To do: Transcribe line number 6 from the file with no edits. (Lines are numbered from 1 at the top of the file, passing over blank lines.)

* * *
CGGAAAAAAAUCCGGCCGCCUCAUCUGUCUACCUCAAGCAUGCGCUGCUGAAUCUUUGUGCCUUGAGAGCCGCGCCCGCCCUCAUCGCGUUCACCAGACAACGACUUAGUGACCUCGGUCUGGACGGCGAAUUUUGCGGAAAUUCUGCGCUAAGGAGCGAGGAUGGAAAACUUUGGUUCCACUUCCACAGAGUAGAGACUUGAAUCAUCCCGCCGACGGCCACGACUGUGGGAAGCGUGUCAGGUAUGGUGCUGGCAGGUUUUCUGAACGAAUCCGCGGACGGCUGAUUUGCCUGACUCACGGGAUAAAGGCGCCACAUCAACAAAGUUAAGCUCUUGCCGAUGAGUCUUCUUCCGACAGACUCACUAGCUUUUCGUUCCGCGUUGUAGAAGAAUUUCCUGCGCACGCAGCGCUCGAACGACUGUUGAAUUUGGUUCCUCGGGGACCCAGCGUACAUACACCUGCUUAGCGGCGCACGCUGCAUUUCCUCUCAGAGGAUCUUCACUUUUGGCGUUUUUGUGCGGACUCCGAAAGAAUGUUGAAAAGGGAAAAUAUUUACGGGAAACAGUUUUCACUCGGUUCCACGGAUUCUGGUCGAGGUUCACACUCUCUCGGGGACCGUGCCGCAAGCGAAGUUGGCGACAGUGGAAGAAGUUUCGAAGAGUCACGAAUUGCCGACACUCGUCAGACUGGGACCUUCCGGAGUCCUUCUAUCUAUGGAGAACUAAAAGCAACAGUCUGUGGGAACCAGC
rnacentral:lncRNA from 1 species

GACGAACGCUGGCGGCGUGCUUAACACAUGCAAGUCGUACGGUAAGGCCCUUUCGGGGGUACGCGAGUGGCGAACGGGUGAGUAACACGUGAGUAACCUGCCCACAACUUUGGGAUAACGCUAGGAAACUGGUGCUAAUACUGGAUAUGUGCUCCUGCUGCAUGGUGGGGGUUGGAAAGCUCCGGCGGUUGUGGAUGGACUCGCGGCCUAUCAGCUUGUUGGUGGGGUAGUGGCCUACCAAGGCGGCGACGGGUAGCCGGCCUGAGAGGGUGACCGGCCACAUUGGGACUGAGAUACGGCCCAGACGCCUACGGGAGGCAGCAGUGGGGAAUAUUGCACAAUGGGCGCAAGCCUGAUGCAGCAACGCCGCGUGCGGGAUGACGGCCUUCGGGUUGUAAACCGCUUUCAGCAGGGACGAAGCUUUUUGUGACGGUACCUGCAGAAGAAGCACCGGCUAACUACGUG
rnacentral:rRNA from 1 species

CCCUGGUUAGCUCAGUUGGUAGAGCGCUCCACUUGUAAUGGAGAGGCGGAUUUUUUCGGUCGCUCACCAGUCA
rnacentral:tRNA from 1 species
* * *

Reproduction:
rnacentral:tRNA from 1 species